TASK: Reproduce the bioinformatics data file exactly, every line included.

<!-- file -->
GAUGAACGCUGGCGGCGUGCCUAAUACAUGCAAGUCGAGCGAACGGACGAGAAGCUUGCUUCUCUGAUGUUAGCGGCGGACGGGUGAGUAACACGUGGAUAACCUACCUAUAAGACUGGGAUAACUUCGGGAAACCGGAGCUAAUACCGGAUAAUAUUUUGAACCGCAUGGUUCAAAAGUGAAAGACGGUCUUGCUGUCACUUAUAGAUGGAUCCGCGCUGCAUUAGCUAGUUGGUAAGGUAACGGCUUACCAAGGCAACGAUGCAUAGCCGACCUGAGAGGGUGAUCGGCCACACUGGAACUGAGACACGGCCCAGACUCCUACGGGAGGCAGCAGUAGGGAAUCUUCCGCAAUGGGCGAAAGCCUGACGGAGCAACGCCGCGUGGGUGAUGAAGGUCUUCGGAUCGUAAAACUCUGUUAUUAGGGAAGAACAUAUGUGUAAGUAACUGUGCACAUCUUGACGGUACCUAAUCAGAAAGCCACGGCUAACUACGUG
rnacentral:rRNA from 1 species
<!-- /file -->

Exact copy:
GAUGAACGCUGGCGGCGUGCCUAAUACAUGCAAGUCGAGCGAACGGACGAGAAGCUUGCUUCUCUGAUGUUAGCGGCGGACGGGUGAGUAACACGUGGAUAACCUACCUAUAAGACUGGGAUAACUUCGGGAAACCGGAGCUAAUACCGGAUAAUAUUUUGAACCGCAUGGUUCAAAAGUGAAAGACGGUCUUGCUGUCACUUAUAGAUGGAUCCGCGCUGCAUUAGCUAGUUGGUAAGGUAACGGCUUACCAAGGCAACGAUGCAUAGCCGACCUGAGAGGGUGAUCGGCCACACUGGAACUGAGACACGGCCCAGACUCCUACGGGAGGCAGCAGUAGGGAAUCUUCCGCAAUGGGCGAAAGCCUGACGGAGCAACGCCGCGUGGGUGAUGAAGGUCUUCGGAUCGUAAAACUCUGUUAUUAGGGAAGAACAUAUGUGUAAGUAACUGUGCACAUCUUGACGGUACCUAAUCAGAAAGCCACGGCUAACUACGUG
rnacentral:rRNA from 1 species